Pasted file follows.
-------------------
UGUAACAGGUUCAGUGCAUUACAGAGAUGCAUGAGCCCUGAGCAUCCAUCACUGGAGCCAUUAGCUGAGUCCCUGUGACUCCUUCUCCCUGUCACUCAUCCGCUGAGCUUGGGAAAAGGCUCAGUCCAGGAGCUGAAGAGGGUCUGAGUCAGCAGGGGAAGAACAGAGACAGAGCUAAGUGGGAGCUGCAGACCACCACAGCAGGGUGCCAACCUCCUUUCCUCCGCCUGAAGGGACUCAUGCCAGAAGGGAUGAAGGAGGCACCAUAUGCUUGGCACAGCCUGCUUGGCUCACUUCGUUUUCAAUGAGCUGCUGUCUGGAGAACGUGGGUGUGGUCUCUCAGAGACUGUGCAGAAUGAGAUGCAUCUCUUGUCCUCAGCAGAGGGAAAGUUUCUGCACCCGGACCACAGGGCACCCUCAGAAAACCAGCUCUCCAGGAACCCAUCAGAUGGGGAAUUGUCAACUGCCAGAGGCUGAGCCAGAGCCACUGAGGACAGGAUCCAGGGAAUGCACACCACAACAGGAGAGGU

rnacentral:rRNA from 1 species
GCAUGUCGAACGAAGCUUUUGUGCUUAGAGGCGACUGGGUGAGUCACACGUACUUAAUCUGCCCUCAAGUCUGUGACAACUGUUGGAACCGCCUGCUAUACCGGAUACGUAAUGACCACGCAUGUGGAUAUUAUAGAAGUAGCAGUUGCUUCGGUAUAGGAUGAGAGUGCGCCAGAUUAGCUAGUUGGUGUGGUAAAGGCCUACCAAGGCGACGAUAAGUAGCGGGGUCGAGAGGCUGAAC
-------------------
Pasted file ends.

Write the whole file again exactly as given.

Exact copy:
UGUAACAGGUUCAGUGCAUUACAGAGAUGCAUGAGCCCUGAGCAUCCAUCACUGGAGCCAUUAGCUGAGUCCCUGUGACUCCUUCUCCCUGUCACUCAUCCGCUGAGCUUGGGAAAAGGCUCAGUCCAGGAGCUGAAGAGGGUCUGAGUCAGCAGGGGAAGAACAGAGACAGAGCUAAGUGGGAGCUGCAGACCACCACAGCAGGGUGCCAACCUCCUUUCCUCCGCCUGAAGGGACUCAUGCCAGAAGGGAUGAAGGAGGCACCAUAUGCUUGGCACAGCCUGCUUGGCUCACUUCGUUUUCAAUGAGCUGCUGUCUGGAGAACGUGGGUGUGGUCUCUCAGAGACUGUGCAGAAUGAGAUGCAUCUCUUGUCCUCAGCAGAGGGAAAGUUUCUGCACCCGGACCACAGGGCACCCUCAGAAAACCAGCUCUCCAGGAACCCAUCAGAUGGGGAAUUGUCAACUGCCAGAGGCUGAGCCAGAGCCACUGAGGACAGGAUCCAGGGAAUGCACACCACAACAGGAGAGGU

rnacentral:rRNA from 1 species
GCAUGUCGAACGAAGCUUUUGUGCUUAGAGGCGACUGGGUGAGUCACACGUACUUAAUCUGCCCUCAAGUCUGUGACAACUGUUGGAACCGCCUGCUAUACCGGAUACGUAAUGACCACGCAUGUGGAUAUUAUAGAAGUAGCAGUUGCUUCGGUAUAGGAUGAGAGUGCGCCAGAUUAGCUAGUUGGUGUGGUAAAGGCCUACCAAGGCGACGAUAAGUAGCGGGGUCGAGAGGCUGAAC